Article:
Chairman of Sri Lankan Airlines, Ashok Pathirage in a recent interview with Bloomberg discussed the current state of affairs of the national flag carrier and the impacts of COVID-19 on the business.
He added that, with the island nation dependent to an extent on tourism as it contributes to around 4% of GDP that figure has now come down to nearly 0% impacting several travel and tourism-focused businesses in the local industry. The airline has experienced a 75% fall in revenues compared to last year as a result of the pandemic, but the Chairman was optimistic of the airline’s future post-pandemic status and sees it as a blessing in disguise to control costs and become a leaner organisation.
Chairman of Sri Lankan Airlines – Ashok Pathirage
Source: Sri Lankan Airlines
Previously the airline did mention that they were considering changing their Airbus 350 orderbook to Airbus 330s, but the Chairman stated they don’t need 30% of their current fleet due to the current operating environment as a result the airline is currently in talks with aircraft manufacturer Airbus on a solution.
He also added that they haven’t terminated people outright other than outsourced and contracted staff, permanent staff have been furloughed and kept on the payroll. Pre-COVID, Sri Lankan airlines had around 7,000 staff altogether now brought down to around 5,000 which is still deemed high given the current operations of the airline. He did add that measures are being taken to make the airline leaner and will soon put in place a Voluntary Retirement Scheme (VRS).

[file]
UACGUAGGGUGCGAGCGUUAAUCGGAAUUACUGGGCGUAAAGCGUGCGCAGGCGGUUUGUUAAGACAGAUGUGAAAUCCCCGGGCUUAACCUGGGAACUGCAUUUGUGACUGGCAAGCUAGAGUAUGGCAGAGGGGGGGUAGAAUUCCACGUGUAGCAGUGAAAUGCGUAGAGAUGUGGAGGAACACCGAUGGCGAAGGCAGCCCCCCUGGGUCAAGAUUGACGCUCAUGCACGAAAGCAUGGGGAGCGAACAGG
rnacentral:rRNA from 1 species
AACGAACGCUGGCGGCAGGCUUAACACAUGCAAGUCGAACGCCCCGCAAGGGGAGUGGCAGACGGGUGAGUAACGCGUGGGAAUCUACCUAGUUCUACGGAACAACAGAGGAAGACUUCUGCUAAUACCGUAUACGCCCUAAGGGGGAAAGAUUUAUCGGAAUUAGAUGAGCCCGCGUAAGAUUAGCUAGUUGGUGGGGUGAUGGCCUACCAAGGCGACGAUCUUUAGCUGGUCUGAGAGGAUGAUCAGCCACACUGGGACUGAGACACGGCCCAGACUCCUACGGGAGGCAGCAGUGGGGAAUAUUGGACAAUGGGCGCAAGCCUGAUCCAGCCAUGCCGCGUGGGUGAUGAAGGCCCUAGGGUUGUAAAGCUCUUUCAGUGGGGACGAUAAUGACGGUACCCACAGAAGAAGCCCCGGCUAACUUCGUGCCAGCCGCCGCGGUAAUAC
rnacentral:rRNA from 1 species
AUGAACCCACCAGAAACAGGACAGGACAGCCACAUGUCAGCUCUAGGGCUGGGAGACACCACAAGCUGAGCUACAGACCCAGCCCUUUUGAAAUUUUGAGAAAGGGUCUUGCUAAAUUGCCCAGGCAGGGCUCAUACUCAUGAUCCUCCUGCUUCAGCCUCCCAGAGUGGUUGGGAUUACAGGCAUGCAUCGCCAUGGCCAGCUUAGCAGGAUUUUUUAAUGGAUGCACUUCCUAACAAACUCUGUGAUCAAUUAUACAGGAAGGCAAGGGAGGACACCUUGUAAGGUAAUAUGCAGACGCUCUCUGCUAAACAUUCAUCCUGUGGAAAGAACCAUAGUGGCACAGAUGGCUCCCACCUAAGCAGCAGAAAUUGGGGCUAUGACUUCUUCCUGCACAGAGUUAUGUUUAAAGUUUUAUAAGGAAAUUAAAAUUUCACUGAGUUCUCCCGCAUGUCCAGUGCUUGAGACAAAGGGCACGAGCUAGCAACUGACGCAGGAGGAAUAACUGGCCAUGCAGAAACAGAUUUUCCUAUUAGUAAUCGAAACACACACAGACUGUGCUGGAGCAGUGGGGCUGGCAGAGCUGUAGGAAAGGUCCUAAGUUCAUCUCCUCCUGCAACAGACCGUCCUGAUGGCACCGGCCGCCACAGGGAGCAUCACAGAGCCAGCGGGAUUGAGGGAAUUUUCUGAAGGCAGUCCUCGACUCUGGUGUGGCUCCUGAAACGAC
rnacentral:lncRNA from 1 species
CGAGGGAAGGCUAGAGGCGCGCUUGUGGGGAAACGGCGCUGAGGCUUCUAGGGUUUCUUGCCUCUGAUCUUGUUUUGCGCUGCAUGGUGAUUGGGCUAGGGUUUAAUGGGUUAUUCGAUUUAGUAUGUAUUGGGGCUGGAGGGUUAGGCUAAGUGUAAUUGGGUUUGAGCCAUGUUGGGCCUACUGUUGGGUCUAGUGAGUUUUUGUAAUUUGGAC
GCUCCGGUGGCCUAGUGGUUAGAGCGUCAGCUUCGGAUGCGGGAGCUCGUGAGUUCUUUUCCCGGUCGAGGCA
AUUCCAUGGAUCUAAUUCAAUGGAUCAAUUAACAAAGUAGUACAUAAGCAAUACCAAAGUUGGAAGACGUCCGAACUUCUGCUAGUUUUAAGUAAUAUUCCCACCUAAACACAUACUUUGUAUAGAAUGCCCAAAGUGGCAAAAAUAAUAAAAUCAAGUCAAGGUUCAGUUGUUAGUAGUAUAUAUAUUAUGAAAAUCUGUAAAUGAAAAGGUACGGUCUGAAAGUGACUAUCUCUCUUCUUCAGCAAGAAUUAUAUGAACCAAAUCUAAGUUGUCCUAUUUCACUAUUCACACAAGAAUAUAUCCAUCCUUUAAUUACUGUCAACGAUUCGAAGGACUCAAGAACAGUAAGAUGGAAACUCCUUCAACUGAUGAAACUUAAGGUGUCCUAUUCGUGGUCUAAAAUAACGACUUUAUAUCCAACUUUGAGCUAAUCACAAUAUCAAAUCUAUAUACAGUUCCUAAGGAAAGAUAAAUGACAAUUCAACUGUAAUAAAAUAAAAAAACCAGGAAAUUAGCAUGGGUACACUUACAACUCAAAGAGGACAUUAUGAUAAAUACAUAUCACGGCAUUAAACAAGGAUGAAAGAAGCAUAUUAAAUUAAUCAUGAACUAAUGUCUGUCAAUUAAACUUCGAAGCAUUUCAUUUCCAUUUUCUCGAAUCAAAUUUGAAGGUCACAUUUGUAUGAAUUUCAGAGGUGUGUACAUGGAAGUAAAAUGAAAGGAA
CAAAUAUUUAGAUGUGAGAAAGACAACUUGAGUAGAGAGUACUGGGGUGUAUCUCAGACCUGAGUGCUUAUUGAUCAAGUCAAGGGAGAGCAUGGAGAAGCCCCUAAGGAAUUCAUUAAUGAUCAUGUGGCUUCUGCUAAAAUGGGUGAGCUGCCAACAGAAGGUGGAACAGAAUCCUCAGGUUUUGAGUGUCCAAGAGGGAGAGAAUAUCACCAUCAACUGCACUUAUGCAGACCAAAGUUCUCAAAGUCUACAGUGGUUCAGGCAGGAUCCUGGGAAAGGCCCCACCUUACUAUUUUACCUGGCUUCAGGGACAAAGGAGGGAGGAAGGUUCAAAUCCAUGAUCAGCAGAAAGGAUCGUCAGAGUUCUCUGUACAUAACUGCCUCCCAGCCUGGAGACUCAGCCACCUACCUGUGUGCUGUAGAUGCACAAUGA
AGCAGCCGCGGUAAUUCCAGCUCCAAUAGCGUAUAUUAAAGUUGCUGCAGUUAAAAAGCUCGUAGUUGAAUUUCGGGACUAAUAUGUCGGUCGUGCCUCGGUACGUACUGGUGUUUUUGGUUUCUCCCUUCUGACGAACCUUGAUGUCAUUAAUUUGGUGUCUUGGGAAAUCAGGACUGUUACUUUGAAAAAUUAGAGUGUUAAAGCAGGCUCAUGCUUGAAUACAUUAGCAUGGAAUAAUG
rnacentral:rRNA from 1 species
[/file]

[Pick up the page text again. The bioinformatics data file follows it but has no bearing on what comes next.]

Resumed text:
Sri Lankan Airlines Fleet Composition (As at 31 March 2020)
During the interview, it was also noted that the Government being the shareholder of Sri Lankan Airlines has no intentions to sell the airline and are not engaged in such activities. Currently, they have $1 billion of debt which is owed to State banks and are looking at converting some of the debt into equity to further cut down on interest costs.
The Chairman further added that Lease rentals have been reduced by about 18%, saving around $100 billion per annum with more measures to control costs to be enforced, he stated that he was hopeful to turn the fortunes around for the airline and bring it to a break-even level or even profit-making once air travel returns to normalcy.
When asked about Air Bubbles, the Chairman did state that the government was looking at setting up agreements with the UK, Singapore and China, but have yet to come into agreement on any potential Air Bubbles.
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“When Borders Don’t Matter”
Final Year Aviation Management Student at Coventry University.